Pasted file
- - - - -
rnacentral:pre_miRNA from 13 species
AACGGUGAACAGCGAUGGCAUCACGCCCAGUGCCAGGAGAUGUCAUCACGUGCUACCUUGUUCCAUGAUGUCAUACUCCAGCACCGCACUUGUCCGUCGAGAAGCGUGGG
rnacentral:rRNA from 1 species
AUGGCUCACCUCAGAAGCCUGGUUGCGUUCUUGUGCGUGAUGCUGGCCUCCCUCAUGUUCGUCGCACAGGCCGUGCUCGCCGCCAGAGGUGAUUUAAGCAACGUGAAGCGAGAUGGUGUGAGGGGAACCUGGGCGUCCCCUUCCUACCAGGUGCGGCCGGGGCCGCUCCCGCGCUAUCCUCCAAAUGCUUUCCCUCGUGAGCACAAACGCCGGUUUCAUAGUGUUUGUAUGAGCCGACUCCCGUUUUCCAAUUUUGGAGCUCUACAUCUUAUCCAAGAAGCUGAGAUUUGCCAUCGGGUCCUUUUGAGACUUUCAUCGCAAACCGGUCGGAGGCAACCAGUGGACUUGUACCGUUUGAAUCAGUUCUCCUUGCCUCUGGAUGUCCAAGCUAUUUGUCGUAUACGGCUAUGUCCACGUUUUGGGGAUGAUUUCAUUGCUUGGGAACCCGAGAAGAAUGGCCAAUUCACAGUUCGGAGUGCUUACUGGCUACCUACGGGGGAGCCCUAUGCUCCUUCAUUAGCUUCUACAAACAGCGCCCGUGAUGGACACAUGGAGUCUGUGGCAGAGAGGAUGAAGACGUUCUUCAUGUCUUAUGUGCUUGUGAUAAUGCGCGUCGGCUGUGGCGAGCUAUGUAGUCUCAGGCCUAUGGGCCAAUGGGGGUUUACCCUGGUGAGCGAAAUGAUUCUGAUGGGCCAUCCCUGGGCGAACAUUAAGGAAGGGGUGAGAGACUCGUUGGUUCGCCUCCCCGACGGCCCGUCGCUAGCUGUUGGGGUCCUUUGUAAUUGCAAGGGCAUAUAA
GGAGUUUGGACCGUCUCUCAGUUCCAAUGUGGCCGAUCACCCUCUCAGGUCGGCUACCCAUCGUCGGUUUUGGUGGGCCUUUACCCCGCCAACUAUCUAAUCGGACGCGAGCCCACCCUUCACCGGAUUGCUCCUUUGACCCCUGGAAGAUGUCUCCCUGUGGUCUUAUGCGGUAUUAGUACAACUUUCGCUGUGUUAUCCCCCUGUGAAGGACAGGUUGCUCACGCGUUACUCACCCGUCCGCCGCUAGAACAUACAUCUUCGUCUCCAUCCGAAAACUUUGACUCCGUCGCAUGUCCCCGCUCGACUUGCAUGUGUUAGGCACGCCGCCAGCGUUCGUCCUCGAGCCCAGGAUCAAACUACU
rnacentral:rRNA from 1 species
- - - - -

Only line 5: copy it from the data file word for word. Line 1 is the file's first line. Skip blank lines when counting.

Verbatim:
GGAGUUUGGACCGUCUCUCAGUUCCAAUGUGGCCGAUCACCCUCUCAGGUCGGCUACCCAUCGUCGGUUUUGGUGGGCCUUUACCCCGCCAACUAUCUAAUCGGACGCGAGCCCACCCUUCACCGGAUUGCUCCUUUGACCCCUGGAAGAUGUCUCCCUGUGGUCUUAUGCGGUAUUAGUACAACUUUCGCUGUGUUAUCCCCCUGUGAAGGACAGGUUGCUCACGCGUUACUCACCCGUCCGCCGCUAGAACAUACAUCUUCGUCUCCAUCCGAAAACUUUGACUCCGUCGCAUGUCCCCGCUCGACUUGCAUGUGUUAGGCACGCCGCCAGCGUUCGUCCUCGAGCCCAGGAUCAAACUACU